See more in Cuba
See more in Cuba
Marifeli Perez-Stable comments on the lack of structural and economic changes in Cuba since Raúl Castro's takeover of power in 2007.
Marifeli Perez-Stable discusses the leakage by El País of Obama's message to Raul Castro, warning that if the administration doesn't "break the tired two-step" of Cuban-American relations soon, it may be too late.
Brookings presents a roadmap of policy alternatives for constructive engagement with Cuba which encourages the Cuban people to pursue a democratic future without trying to impose it on them.
Pressure is building on the U.S. government to pull the plug on TV Marti, its expensive broadcast station for Cuba that has failed to overcome jamming efforts by the Cuban government.
Cuba's repressive regime has shown remarkable resilience in the past, defying predictions of its inevitable collapse. Have its political fortunes changed? This Journal of Democracy article explores the current ferment in civil society and the stability of Raúl Castro's government.
This 2008 public opinion survey about perspectives on Cuba was conducted in every Cuban province by the International Republican Institute.
Jake Colvin urges the new administration to consider major changes in America's policy towards Cuba.
Jorge G. Castañeda argues that Raul Castro’s shy attempt to embark on a Vietnamese- or Chinese- style communism is neither progressive nor possible as long as Fidel Castro remains as Secretary of the Cuban Communist Party and the government violates human rights.
In Prospect Magazine, Bella Harris writes about Cuba in a post-Castro era. She concludes that little has changed over recent years and life for most Cubans remains harsh. Yet western visitors continue to romanticize the place as a viable alternative to western capitalism.
This report is one of a series of briefings on the identity and background of the detainees held by the United States at Guantánamo Bay, Cuba.
Cuba's retention on the terrorism list has received more attention in recent years
in light of increased support for legislative initiatives to lift some U.S. sanctions
under the current economic embargo
U.S.-Cuban relations have been virtually nonexistent since 1961, when the United States assumed a two-pronged policy of economic embargo and diplomatic isolation. Now that Fidel has transferred power to his younger brother, Raul, some experts think the United States should reconsider its policy toward Cuba. Philip Peters of the Lexington Institute and Dennis Hays, the State Department's former Coordinator for Cuban Affairs, debate how the United States should engage with a post-Castro Cuba.
Charles Berger discusses the potential effectiveness of establishing a rehabilitation center in Yemen to handle repatriating Yemeni detainees still being held in Guantánamo Bay.
Following the release of new polling data, indicating a majority of Americans are for improving relations with Cuba, Julia Sweig reflects in her column on the role of pragmatism in U.S. politics and on U.S.-Cuba relations.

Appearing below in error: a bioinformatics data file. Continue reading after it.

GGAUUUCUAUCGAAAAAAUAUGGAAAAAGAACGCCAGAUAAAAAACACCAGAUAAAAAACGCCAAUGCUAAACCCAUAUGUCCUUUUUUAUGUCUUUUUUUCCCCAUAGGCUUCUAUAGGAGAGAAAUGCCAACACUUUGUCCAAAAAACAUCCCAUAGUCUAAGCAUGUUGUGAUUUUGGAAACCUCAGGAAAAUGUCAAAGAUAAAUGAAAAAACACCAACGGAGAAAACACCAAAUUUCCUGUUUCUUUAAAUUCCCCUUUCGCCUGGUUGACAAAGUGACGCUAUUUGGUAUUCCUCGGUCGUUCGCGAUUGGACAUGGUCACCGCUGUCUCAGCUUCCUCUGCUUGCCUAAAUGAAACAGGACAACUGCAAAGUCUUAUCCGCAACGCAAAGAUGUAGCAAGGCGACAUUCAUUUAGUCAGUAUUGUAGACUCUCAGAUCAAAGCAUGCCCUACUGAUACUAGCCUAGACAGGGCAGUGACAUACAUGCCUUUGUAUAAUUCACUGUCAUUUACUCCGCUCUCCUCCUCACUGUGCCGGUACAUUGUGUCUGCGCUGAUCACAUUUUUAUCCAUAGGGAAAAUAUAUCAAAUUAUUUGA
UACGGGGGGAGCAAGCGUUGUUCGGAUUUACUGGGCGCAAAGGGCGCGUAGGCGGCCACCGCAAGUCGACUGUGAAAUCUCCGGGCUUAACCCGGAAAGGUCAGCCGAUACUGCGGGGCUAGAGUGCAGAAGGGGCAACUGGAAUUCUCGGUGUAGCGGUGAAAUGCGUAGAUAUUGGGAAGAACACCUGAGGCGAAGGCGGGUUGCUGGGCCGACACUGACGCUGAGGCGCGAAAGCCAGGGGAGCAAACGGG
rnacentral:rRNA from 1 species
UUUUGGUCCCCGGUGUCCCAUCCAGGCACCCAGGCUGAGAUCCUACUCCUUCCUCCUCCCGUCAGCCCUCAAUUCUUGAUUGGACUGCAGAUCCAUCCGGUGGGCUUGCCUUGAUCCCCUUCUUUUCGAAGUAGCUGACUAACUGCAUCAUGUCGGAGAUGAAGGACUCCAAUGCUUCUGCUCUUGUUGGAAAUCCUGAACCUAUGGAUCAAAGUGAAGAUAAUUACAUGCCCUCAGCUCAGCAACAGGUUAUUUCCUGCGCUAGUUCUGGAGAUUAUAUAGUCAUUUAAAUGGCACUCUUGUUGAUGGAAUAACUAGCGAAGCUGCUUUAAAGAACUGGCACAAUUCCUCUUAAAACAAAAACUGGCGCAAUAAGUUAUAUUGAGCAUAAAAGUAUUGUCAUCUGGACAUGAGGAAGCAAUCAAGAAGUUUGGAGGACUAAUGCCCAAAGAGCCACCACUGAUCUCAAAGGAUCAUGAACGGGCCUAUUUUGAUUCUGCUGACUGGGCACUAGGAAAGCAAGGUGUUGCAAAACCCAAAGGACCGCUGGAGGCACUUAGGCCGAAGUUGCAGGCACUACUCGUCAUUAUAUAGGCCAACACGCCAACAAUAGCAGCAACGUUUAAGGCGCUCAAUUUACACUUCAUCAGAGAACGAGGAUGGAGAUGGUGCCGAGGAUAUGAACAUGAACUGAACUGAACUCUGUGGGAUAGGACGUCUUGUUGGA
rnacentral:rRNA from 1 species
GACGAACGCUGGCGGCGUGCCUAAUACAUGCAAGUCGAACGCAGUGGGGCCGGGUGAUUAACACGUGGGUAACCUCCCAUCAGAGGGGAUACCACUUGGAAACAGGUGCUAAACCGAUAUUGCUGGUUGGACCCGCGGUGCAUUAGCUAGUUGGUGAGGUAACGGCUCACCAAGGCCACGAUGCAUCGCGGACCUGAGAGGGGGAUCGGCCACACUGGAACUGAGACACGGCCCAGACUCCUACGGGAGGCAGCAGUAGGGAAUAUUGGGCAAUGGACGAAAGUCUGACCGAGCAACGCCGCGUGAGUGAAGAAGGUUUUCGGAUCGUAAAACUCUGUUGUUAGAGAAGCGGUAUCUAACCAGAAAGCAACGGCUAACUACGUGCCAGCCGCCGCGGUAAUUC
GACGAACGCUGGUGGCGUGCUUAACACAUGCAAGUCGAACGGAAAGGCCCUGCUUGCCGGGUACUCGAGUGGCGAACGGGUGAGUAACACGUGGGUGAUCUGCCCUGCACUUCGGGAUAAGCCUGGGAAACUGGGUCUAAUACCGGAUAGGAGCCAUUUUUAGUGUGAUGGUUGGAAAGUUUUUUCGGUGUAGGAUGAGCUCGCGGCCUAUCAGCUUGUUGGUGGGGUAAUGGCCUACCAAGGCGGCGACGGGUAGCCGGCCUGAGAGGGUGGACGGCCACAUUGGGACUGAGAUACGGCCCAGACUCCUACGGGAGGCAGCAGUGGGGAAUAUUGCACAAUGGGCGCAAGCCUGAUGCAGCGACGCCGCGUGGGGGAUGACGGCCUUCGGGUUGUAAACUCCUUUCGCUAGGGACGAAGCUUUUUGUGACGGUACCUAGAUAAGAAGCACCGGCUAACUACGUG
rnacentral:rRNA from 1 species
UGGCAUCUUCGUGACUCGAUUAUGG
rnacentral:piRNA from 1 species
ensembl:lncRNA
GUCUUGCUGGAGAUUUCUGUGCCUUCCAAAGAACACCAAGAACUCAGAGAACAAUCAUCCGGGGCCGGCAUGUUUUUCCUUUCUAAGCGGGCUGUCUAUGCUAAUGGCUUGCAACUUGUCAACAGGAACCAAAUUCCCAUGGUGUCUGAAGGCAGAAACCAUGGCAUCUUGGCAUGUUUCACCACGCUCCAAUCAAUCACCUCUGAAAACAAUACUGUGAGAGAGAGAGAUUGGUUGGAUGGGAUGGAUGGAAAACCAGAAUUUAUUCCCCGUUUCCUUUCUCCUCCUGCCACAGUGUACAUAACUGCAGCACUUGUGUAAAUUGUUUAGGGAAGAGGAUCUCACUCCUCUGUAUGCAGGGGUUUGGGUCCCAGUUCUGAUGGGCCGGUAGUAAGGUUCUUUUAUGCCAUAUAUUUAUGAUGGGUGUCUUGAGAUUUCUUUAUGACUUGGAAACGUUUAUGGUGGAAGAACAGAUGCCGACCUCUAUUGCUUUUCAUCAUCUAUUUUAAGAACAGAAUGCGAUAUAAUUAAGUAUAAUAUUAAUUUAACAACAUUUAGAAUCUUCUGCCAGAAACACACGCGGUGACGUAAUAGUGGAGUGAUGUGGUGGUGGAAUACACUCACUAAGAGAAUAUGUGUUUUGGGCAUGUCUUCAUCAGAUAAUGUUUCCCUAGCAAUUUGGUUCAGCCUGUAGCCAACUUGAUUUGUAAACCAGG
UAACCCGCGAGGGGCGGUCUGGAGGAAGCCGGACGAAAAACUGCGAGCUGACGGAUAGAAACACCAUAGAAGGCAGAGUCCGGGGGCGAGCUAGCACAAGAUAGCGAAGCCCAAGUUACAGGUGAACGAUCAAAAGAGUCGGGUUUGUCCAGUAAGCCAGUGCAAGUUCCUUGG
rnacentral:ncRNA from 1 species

As Cuba hosts the 2014 CELAC summit, Julia Sweig reflects on Cuba's economic opening and on the present and future of U.S.-Cuban relations.
In the wake of the preliminary accord reached with Iran, Julia Sweig proposes that the Obama administration pursue a diplomatic resolution to another vexing element of U.S. foreign affairs: the relationship with Cuba.
Julia Sweig shares her impressions regarding ongoing and future political, economic, and social changes in Cuba.
The authors argue that it is essential to begin working now to expand and establish rules and norms governing armed drones, thereby creating standards of behavior that other countries will be more likely to follow.
The author examines Pakistan's complex role in U.S. foreign policy and advocates for a two-pronged approach that works to quarantine threats while integrating Pakistan into the broader U.S. agenda in Asia.
The authors assess the political, security, and economic challenges facing U.S. policymakers in Afghanistan and evaluate a range of policy options.
Maximalist finds lessons in the past that anticipate and clarify our chaotic present, revealing the history of U.S. foreign policy in an unexpected new light. More
This clear and authoritative book presents a sweeping account of China's global resource quest and the unrivaled expansion of its economy. More
The story of the tragic and often tormented relationship between the United States and Pakistan, and a call to prepare for the worst, aim for the best, and avoid past mistakes. More
Learn more about CFR’s mission and its work over the past year in the 2014 Annual Report. The Annual Report spotlights new initiatives, high-profile events, and authoritative scholarship from CFR experts, and includes a message from CFR President Richard N. Haass.
Read and download »